Josei Seven magazine doesn’t compare it to them, however, and finds cause for concern in the fact that what was once largely a junior and senior high school problem attributable in part to the stresses and strains of puberty has shifted to the 7- and 8-year-olds of the early grades of elementary school. Education ministry statistics record 238 episodes of elementary school classroom “violent behavior” in 2006 — versus 2,584 episodes in 2016.
What’s got into the kids? A deep and unfulfilled desire to be “noticed,” says Shiraume University professor Shuji Masuda. Obedience doesn’t draw attention. Disruption does. The more flagrant the disruption — shouting down the teacher, throwing things, knocking over desks — the more the attention, and even if it’s angry attention, so what, if attention is more important than praise?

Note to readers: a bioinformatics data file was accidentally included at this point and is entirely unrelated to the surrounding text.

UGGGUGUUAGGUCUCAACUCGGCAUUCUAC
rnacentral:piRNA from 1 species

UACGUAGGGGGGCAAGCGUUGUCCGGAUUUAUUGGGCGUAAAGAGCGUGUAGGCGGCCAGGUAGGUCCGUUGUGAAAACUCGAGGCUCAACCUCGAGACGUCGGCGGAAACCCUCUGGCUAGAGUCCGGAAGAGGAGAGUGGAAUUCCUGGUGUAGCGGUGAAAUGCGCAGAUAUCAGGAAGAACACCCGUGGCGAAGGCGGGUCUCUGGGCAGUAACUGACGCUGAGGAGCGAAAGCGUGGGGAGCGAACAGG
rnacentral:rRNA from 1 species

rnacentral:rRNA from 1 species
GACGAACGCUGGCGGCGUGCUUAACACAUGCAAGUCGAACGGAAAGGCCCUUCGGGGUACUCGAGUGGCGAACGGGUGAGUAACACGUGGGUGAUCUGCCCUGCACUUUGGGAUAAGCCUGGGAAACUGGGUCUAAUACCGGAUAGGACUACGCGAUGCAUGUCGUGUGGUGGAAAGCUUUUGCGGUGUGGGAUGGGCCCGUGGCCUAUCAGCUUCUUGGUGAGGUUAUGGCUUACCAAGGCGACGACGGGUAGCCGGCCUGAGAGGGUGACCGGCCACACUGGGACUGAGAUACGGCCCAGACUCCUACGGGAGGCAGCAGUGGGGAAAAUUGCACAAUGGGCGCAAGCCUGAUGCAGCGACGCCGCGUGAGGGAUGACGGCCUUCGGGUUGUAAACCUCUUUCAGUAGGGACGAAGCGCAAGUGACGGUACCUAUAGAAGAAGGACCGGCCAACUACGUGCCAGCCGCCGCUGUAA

Why children should be more starved for attention lately than formerly is an open question. Times change, some indefinable thing in the atmosphere morphs into some other indefinable thing, and we change, sometimes knowing, sometimes not, precisely what we’re responding to.
If the Doomsday Clock is reliable, it’s two minutes to midnight. In 2009, when Obama in his Prague address declared, “Today I state clearly and with conviction America’s commitment to seek the peace and security of a world without nuclear weapons,” it was five minutes to midnight.
He mentioned North Korea: “Just this morning … North Korea broke the rules once again by testing a rocket that could be used for long-range missiles. This provocation underscores the need for action.”
So it did, and so it does. But what action?
Michael Hoffman is the author of “In the Land of the Kami: A Journey into the Hearts of Japan” and “Other Worlds.”